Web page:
When decisions get tough, some of us dream wistfully of a boardroom full of wise, deep-thinking leaders who can analyze an array of options placed before us. Unfortunately, if our dreams meet reality, it's more often the luck of the draw rather than a result of a thoughtful, broad recruitment process that recognizes criteria that are not often easy to identify.
Like critical thinking.
Recently, while reading Sharan Merriam and Laura Bierma's Adult Learning: Linking Theory and Practice, I ran across a list (p. 223) of "abilities of critical thinkers" (citing work* by R.H. Ennis) that make the qualities we need more visible and accessible.
- "Assume a position or change it based on the evidence."
- "Remain relevant to the point."
- "See information and precision in the information sought."
- "Exhibit open-mindedness."
- "Consider the big picture."
- "Focus on the original problem."
- "Search for reason."
- "Orderly consider complex components of problems."
- "Seek a clear statement of the problem."
- "Seek options."
- "Show sensitivity to others' feelings and knowledge."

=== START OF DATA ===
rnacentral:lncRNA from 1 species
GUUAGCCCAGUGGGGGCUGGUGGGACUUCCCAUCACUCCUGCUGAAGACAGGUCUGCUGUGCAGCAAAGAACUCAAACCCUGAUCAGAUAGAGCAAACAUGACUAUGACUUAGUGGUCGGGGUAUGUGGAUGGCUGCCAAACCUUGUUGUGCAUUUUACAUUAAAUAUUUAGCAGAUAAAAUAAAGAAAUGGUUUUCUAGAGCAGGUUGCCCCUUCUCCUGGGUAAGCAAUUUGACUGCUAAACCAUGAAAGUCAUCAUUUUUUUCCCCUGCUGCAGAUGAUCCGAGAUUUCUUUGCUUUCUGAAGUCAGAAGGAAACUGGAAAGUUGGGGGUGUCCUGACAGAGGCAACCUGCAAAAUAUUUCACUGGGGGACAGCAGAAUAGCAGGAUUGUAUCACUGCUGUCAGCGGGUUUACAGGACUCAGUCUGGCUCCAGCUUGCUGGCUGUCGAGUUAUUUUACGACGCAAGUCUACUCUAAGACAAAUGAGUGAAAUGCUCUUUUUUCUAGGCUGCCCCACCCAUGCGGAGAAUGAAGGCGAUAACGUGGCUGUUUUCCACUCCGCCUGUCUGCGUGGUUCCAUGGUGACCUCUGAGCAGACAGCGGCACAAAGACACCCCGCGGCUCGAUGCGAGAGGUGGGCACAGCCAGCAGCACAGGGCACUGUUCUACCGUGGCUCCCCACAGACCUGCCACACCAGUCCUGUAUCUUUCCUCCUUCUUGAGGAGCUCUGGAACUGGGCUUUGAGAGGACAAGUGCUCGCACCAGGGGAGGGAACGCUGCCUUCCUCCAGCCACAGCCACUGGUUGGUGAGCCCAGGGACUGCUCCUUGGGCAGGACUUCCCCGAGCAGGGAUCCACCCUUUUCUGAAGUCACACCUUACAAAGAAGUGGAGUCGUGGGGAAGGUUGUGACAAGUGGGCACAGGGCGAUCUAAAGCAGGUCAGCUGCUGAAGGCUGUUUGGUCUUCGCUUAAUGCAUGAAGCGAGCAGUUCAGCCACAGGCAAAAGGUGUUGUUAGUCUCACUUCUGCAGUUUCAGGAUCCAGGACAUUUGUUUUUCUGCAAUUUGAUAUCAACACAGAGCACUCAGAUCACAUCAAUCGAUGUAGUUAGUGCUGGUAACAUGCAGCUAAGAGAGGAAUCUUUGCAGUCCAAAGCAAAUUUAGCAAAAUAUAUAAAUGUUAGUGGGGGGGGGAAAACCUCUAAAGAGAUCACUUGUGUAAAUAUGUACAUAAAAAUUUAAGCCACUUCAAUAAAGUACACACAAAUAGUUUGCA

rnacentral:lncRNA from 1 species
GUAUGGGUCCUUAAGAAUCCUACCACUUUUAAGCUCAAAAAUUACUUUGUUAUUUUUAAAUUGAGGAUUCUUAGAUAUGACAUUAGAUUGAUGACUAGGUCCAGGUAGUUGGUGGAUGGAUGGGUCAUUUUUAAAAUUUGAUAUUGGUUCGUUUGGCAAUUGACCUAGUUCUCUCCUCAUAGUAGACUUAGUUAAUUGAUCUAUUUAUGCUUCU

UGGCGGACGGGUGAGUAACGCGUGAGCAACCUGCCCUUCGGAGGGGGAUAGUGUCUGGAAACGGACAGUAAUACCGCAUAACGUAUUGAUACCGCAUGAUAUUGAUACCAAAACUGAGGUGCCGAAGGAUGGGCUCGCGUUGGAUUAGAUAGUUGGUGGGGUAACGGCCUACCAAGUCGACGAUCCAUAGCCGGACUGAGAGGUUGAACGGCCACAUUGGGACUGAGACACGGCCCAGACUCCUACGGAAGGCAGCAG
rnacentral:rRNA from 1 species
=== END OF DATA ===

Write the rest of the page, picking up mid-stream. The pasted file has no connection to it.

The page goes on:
- "Use credible sources."
Undoubtedly, some of us have more experience, and perhaps more inherent capacity, for critical thinking. But this list also reminds me that there also are ways to increase our awareness and consciously incorporate into our board discussions.
As you read Ennis's list of critical thinking skills, what does it seem to offer boardroom interactions and decision making?
If we were to find a way to identify one's capacity for critical thinking, what would that look like and how might we appropriately value it in board member recruitment?
* Ennis, R.H. (1989). Critical thinking and subject specificity: Clarification and needed research. Educational Researcher, 18(3), 4-10.